Traditional Recruiting Isn't Enough: How AI Is Changing The Rules In The Human Capital Market
Why are companies so reactive when it comes to hiring?
By Gal Almog, cofounder and CEO of Talenya
When it comes to hiring tech talent, the Johnny Lee song, Looking for Love, comes to mind.
“I spent a lifetime lookin’ for you. Single bars and good time lovers were never true. Playing a fools game hopin’ to win. And tellin’ those sweet lies and losin’ again.”
Cue the familiar chorus.
That’s what’s happening in the talent acquisition industry. The truth is many companies are looking in all the wrong places to find talent for hard-to-fill jobs.
A recent survey by worldwide recruiter Hays finds that while companies have high expectations to hire in 2018, a severe skills shortage in the fastest-growing sectors could hamper plans.
The shortage is so severe that 92% of employers say the problem is negatively affecting productivity, employee satisfaction and turnover.
One of the reasons is a whopping 95 percent of the people companies want to hire for critical jobs are not looking.
What’s more, job descriptions are unrealistic. Companies don’t have an accurate picture of the talent pool in their region and many would rather stay rigid than widen the pool to find good candidates.
For example, fully 80 percent of machine learning engineers with Ph.D.s. are scooped up by Google and Facebook, especially those that have patents.
Yet, when we were conducting a search for one tech company, they refused to budge on their requirement for a Ph.D. As a result, a candidate with a master’s degree that was well-qualified was hired by another company, and the job went unfilled for months.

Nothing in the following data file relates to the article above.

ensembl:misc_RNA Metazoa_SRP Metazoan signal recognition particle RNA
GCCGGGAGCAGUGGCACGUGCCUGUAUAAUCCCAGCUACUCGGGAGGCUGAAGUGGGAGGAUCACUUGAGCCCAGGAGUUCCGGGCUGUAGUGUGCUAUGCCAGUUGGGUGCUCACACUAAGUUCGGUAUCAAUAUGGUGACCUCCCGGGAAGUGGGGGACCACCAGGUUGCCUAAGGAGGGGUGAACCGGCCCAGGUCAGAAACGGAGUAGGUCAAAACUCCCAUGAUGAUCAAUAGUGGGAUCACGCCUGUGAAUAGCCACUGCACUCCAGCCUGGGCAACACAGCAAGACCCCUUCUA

This is a problem, as talent is scarce for highly trained tech jobs like machine learning engineers, data scientists and front-end developers.
These professionals are like rockstars, receiving two to three job offers for every open position, so companies that are more flexible with their requirements have a better chance of landing a good hire.
Companies Aren’t Being Proactive
In many companies, talent acquisition is not forward thinking, with roles being filled in reaction to someone leaving or in the case of startups, when a company gets an infusion of capital.
Many use the “post and pray” approach, hoping that just because they’re XYZ company, they’ll attract the talent they need.
Why are companies so reactive when it comes to hiring?
I think the answer is many are overwhelmed. In his Editor’s Letter, HR Thrive editor James Davis, says, “HR has always been a pretty tough job…and hasn’t gotten any simpler with the introduction of HR technology.” He goes on to tick off the plethora of acronyms from HRMS to ATS.
So, while HR professionals struggle to make sense of all the new technology to perform their job, they also are faced with the time-consuming process of sourcing candidates. While technology is available to help with this, it still doesn’t free them from having to be experts in search.
That said there are companies offering tools that promise to make the HR manger’s job easier and companies successful.
AI Has Entered the Recruitment Industry
As in many industries, artificial intelligence (AI) has arrived in HR to improve search. According to the Deloitte Human Capital Trends report, 38 percent of companies use AI, and 62 percent expect to do so by the end of this year.